Ruckriegel Joins Large Field Of Peoria Mayoral Candidates

Nov 16, 2020

Sid Ruckriegel believes his experience and relationship skills give him the qualifications he needs to become the next mayor of Peoria.

“As a business owner and a community leader, having worked for the betterment of Peoria way before ever coming to council, and being able to bring those relationships in those skills into the role of mayor, I think would be very key,” Ruckriegel said of his candidacy to succeed incumbent Mayor Jim Ardis.

“The role of mayor is to make sure that all of the interests of the city are being addressed and heard, and I’ve got a track history being able to do that --working with several organizations in the past here where I’ve shown proven results  of being able to make sure that we have fully hit the mission of what we were supposed to do and to be able to bring those economics of that organization into play as well,” said Ruckriegel.

With Ardis choosing not to seek a fifth term, the field of candidates for the office stands at seven people with Ruckriegel’s announcement. But he sees that large number of candidates as beneficial to the citizens of Peoria.

“It is what some would call a crowded field. I rather see it as a really good representation of the options that Peoria has, to be able to choose their leaders,” said Ruckreigel “I think there’s going to be some good conversations, some great focus on topics and the future of the city, and I think a field like this is able to give Peorians the most choice about what they would like to see the future of their city be.”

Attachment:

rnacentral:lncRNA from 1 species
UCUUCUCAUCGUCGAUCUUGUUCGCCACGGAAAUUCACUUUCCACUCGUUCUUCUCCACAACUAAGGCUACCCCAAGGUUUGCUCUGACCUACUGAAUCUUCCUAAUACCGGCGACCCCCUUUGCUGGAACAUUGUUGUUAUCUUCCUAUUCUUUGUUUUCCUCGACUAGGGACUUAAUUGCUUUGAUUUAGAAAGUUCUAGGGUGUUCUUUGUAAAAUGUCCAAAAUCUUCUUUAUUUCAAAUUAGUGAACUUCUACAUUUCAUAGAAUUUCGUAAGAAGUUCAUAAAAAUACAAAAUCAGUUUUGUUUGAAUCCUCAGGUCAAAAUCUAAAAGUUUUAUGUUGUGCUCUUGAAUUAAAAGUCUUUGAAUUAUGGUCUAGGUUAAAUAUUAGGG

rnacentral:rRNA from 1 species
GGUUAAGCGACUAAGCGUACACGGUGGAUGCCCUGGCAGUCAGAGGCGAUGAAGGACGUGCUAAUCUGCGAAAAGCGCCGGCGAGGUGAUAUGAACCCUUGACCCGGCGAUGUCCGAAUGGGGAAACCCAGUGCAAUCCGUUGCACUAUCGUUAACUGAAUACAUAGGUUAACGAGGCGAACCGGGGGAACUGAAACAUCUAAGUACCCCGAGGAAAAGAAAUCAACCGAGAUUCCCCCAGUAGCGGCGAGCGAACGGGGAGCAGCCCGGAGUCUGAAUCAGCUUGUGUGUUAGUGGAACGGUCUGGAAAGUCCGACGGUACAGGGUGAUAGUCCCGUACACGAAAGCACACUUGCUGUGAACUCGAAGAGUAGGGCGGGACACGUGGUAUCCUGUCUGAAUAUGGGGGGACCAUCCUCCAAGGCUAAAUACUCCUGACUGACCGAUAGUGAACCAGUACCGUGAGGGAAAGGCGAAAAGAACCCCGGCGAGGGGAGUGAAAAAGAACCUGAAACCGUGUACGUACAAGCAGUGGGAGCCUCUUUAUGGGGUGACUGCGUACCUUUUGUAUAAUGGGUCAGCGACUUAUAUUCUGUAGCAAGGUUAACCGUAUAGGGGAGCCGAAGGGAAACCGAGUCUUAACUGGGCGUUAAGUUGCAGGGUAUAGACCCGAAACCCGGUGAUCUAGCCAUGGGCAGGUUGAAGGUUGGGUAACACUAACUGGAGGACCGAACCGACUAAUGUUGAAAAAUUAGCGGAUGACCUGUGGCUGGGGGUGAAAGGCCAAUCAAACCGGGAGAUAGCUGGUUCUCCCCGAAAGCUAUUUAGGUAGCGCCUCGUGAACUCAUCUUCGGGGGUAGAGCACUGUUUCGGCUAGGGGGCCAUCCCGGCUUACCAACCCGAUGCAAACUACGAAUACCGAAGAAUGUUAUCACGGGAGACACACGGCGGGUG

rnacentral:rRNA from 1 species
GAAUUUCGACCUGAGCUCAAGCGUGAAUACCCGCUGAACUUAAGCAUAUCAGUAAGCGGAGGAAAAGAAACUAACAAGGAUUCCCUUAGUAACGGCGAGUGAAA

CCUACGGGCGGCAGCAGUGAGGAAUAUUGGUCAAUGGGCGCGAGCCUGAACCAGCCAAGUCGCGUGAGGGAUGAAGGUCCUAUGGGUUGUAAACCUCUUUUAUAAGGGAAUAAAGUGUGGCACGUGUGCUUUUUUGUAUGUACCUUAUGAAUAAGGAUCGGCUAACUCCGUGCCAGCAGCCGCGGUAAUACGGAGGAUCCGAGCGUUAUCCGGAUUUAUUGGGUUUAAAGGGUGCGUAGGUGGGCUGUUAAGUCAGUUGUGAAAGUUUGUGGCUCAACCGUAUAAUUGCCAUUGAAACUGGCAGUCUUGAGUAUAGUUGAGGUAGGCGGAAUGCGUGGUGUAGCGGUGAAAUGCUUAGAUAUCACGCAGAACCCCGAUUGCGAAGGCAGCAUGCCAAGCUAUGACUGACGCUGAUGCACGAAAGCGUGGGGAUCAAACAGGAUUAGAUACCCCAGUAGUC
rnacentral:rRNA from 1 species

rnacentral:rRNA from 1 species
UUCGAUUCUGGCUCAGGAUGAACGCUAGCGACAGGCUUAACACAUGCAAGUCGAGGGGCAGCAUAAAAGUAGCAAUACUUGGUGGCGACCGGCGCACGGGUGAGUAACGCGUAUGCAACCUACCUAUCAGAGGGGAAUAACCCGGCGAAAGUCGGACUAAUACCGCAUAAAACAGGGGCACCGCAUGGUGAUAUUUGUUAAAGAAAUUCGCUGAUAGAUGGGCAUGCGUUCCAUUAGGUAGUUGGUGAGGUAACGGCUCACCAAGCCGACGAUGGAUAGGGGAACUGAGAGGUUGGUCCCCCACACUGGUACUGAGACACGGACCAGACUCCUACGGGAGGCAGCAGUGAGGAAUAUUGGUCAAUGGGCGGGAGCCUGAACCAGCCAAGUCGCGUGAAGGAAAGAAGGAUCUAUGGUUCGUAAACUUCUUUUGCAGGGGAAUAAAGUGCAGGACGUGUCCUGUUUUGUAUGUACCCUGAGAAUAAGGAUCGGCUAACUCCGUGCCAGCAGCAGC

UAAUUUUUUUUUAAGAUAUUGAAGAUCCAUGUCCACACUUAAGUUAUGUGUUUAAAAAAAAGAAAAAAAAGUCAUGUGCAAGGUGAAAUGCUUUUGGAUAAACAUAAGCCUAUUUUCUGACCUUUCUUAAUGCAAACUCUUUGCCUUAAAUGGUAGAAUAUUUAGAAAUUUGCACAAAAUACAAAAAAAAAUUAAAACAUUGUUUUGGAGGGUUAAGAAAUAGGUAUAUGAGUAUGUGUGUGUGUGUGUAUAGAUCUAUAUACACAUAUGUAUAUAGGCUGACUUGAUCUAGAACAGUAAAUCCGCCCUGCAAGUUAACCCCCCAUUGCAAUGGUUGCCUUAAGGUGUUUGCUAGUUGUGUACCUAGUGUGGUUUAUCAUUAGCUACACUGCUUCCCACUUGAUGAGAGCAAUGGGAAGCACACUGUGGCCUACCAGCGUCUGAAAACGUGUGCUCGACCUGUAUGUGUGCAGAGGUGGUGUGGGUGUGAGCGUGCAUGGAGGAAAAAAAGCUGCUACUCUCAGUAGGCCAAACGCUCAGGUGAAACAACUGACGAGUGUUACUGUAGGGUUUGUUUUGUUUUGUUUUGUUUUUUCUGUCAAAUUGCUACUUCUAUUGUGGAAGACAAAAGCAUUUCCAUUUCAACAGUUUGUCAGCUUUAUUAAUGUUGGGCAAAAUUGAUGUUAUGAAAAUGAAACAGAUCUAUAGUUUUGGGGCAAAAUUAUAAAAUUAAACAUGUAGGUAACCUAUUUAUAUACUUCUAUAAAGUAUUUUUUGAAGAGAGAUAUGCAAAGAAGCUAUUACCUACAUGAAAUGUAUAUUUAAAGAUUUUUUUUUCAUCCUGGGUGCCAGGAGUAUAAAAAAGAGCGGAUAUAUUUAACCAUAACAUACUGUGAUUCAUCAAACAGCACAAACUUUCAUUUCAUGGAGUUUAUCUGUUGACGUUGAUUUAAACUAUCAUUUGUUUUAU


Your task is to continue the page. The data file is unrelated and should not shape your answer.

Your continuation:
Ruckriegel joins fellow council members Rita Ali and Jim Montelongo, pastor Chuck Brown, entrepreneur Andres Diaz, community activist Chama St. Louis and 2017 candidate Couri Thomas in seeking the mayor’s office.

Ruckriegel said he decided to run at the urging of several neighborhood leaders, small business owners and first responders.

“The reason that we are a great city is, every time--whether it be through government or through other entities within our city--that we have been asked to rise to the challenge to be able to fix and to work and make progress on those challenges, we’ve been able to do that,” he said. “And I truly believe that if we come together and work in partnership with one another to be able to face the challenges that we face as a city, we can make progress in those and make tomorrow better tomorrow.”

Ruckriegel pointed to his work with the United Way, the Peoria Riverfront Museum and the Peoria Public Library board among his accomplishments and qualifications. He said he wants to use his relationship skills to help foster financial growth and investment in the city.

“I think we’ve got to develop a tangible economic plan that our citizens and businesses understand. We’ve got to come back and reinvest dollars and prioritize our procedures for making sure that where we have this investment happening, that we get investment back in,” he said.  

“We need to grow the economic base so that we’re not having to face the financial decisions that we’ve had to face over the past couple of years. If we grow the economic base, if we can increase those revenues in other ways besides raising fines, fees and taxes, then we can appropriately fund all of the necessities for our city, including appropriately funding, public safety and all aspects of public safety.”

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